I #LoveIsraelBecause ours are a visionary people.
In 1912 Yosef Yekutiel learned that numerous Jews participated in the Olympics and won medals. He envisioned Jewish athletes winning medals, not for the countries of their residence but for their homeland, Israel.
After the war, his vision was denied by the Olympic Committee who responded saying that “Athletes without a State cannot participate in the Olympics.”
In 1932 the first Maccabiah was held in the Land of Israel. Yekutiel said that: “In addition to the athletic challenge there will be the national challenge. Hundreds of thousands of Hebrews will come to the Land of Israel, breathe the air of our beloved homeland, hear Hebrew alive and playful and will return to wherever they live to strive in the diaspora until their time comes to ascend [make aliyah] to the Land.”
The Maccabiah, the Jewish Olympics, is named after our ancient heroes, the Maccabees who fought against all odds, liberated Jerusalem from Greek occupation and returned the Temple Mount to the Jewish people in 138 BCE. The first Maccabiah happened 1800 years after the Bar Cochba revolt against the Roman occupation of Israel.
In 1932 Jews envisioned themselves in the image of ancient heroes, returning to the Land of Israel and growing strong from breathing her beloved air. Today, in 2017 10,000 Jewish athletes from 80 countries have come to Jerusalem to celebrate the strength of body and spirit in the land of their ancestors.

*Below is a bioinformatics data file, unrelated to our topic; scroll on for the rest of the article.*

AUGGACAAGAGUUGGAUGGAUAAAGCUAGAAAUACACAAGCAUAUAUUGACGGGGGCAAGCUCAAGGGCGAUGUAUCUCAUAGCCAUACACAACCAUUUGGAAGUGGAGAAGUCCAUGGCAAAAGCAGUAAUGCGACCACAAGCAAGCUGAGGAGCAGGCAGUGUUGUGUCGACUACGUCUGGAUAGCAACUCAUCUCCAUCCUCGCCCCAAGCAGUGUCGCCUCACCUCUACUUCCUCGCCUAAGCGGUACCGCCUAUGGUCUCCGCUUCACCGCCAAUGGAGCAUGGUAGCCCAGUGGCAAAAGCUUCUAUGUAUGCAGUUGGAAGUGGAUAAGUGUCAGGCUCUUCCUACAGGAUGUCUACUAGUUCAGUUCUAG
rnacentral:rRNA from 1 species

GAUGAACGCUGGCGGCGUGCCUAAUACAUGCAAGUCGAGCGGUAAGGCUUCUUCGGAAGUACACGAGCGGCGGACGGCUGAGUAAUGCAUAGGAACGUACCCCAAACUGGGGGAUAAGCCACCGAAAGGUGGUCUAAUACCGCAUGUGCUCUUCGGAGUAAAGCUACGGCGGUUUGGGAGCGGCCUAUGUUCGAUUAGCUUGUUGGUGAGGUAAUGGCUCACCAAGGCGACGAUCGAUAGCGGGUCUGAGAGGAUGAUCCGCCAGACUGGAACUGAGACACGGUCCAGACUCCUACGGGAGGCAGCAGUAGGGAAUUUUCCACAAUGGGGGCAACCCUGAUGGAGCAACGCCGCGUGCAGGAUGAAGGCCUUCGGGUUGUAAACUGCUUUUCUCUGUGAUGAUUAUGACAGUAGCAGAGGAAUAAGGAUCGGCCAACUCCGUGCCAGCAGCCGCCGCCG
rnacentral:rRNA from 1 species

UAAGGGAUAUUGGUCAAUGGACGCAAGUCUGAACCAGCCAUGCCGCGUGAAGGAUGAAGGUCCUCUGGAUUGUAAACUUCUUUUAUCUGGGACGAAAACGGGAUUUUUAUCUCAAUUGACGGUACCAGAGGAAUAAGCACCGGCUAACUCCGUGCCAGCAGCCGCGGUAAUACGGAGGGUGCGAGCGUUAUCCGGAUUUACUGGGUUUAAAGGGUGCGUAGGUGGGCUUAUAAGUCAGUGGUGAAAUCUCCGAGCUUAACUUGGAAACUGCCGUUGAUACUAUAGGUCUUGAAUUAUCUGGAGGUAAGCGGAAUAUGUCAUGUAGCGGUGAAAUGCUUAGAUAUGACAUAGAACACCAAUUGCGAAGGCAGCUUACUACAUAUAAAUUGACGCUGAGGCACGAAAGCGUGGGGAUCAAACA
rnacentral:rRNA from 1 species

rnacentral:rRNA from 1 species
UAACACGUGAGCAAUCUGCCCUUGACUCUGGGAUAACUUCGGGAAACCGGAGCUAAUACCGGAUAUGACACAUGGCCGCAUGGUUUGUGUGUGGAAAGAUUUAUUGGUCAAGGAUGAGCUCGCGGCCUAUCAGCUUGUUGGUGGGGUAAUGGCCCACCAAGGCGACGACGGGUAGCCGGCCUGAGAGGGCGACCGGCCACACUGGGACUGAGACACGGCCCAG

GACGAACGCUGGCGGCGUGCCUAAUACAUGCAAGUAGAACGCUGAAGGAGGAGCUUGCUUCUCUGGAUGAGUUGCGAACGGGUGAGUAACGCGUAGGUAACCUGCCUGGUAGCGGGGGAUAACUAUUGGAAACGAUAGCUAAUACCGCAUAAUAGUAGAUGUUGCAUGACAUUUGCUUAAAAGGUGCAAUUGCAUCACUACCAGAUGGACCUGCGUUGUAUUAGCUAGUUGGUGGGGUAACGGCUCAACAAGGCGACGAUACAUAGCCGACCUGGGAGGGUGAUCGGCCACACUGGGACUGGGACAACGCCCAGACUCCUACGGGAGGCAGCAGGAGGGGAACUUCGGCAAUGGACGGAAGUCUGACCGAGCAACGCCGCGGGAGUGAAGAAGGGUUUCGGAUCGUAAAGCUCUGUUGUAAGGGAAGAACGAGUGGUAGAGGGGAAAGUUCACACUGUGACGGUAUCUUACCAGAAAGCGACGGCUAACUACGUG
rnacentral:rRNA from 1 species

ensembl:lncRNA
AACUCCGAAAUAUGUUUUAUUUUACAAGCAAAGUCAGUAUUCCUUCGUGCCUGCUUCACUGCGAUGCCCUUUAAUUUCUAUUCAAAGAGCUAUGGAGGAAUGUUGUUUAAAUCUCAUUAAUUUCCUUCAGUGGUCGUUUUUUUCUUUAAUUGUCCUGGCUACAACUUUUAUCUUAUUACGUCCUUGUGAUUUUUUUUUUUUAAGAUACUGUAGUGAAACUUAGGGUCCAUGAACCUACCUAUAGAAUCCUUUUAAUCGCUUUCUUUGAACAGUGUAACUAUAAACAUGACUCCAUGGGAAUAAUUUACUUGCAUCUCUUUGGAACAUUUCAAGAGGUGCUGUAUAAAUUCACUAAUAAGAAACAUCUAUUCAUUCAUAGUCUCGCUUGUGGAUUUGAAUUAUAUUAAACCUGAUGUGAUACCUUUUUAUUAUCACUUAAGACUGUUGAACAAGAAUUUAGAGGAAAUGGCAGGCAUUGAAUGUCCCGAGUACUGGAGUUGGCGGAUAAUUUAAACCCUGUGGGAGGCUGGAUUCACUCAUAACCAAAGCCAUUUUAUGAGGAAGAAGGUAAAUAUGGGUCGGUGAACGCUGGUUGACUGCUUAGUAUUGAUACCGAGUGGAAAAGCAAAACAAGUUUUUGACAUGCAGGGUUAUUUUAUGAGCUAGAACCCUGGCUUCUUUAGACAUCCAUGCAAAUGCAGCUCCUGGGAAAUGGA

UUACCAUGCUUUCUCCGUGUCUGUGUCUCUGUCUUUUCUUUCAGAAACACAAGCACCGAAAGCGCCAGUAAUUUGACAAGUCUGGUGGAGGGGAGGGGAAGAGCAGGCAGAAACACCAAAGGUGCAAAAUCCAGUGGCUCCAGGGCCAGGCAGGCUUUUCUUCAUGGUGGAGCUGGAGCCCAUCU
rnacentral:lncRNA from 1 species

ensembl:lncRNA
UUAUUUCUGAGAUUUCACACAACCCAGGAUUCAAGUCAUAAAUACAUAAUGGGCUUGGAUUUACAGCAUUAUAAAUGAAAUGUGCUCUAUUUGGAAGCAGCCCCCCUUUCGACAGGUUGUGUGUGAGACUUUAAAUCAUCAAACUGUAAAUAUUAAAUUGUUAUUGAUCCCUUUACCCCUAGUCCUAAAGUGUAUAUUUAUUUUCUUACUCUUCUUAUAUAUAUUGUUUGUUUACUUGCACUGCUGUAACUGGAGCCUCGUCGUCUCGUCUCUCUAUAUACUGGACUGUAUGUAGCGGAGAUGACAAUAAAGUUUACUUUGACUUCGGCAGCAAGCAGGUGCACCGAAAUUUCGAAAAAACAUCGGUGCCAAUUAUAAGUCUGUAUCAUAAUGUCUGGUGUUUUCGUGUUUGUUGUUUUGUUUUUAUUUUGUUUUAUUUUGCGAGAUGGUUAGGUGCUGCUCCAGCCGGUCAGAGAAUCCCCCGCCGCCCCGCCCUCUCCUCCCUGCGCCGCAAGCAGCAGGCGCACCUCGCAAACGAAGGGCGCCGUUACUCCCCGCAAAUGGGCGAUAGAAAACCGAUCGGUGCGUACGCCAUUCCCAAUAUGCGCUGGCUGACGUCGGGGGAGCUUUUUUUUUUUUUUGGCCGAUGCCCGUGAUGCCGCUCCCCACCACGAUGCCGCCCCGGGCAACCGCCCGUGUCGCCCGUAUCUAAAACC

The opening ceremony included a tribute to athletes who were killed defending Israel or in terror attacks. Honoring those stolen from us is important.
And so is celebrating continuity. What better way to celebrate than a wedding?
One of the athletes proposed to his girlfriend on the stage in front of all the attendees. She had just finished her conversion to Judaism and landed in Israel for the first time. Then the organizers asked her if she would like to get married right then and there! She said yes (of course) and they made the ceremony. One of Israel’s more popular singers sang them a wedding song before the ceremony and after, a different song with the chorus: “That’s happiness because we are all one family.”
We are living a centuries-old vision become reality.
Who wouldn’t want to be part of that?